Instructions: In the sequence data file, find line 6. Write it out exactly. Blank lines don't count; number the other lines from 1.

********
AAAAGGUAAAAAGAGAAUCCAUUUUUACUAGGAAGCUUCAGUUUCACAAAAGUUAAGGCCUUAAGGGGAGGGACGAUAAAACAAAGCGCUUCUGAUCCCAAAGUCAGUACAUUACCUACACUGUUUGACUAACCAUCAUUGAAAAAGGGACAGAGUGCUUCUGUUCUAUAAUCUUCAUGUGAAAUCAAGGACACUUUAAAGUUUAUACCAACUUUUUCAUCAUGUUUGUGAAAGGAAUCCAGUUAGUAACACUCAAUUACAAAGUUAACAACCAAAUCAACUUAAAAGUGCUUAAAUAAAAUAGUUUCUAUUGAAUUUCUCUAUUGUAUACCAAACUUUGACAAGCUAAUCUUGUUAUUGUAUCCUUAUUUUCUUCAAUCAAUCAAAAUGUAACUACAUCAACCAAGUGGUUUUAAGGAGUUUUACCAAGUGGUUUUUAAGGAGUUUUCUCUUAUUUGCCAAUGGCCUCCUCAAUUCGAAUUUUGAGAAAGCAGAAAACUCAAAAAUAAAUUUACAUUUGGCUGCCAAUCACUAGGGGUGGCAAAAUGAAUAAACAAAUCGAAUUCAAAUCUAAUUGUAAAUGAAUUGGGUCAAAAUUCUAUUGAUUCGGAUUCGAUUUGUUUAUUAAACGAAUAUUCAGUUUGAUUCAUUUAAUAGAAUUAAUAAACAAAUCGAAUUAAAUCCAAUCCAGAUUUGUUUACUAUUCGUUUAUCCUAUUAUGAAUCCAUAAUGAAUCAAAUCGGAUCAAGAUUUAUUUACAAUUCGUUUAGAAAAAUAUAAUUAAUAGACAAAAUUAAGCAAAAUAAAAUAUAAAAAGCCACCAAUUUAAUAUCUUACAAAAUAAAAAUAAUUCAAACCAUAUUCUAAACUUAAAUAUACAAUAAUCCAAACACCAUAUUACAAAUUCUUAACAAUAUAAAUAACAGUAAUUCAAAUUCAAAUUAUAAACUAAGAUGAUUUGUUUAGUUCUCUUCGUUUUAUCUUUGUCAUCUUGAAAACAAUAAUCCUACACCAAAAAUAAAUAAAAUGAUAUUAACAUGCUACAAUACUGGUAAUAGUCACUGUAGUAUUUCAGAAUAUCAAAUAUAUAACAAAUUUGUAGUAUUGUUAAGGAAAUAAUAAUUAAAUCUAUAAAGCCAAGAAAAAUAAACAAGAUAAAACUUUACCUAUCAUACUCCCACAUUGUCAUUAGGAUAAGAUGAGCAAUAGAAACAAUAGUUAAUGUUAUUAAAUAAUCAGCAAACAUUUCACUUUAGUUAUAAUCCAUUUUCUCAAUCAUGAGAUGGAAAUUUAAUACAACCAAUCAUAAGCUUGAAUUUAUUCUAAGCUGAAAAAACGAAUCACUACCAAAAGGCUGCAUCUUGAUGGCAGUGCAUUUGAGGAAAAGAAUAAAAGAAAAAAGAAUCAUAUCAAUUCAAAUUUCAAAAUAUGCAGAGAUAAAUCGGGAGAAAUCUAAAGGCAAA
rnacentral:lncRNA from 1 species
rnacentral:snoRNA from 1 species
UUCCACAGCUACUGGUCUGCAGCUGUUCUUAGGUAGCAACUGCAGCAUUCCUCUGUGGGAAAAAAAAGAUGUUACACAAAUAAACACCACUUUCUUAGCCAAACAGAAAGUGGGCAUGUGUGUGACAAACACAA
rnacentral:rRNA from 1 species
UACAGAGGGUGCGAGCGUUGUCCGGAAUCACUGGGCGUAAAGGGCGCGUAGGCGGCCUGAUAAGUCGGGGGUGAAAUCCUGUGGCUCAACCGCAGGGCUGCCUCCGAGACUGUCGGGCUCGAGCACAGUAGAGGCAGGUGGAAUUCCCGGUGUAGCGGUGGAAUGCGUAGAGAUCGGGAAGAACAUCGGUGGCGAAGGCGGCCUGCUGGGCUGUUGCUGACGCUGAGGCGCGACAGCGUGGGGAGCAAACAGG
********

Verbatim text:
UACAGAGGGUGCGAGCGUUGUCCGGAAUCACUGGGCGUAAAGGGCGCGUAGGCGGCCUGAUAAGUCGGGGGUGAAAUCCUGUGGCUCAACCGCAGGGCUGCCUCCGAGACUGUCGGGCUCGAGCACAGUAGAGGCAGGUGGAAUUCCCGGUGUAGCGGUGGAAUGCGUAGAGAUCGGGAAGAACAUCGGUGGCGAAGGCGGCCUGCUGGGCUGUUGCUGACGCUGAGGCGCGACAGCGUGGGGAGCAAACAGG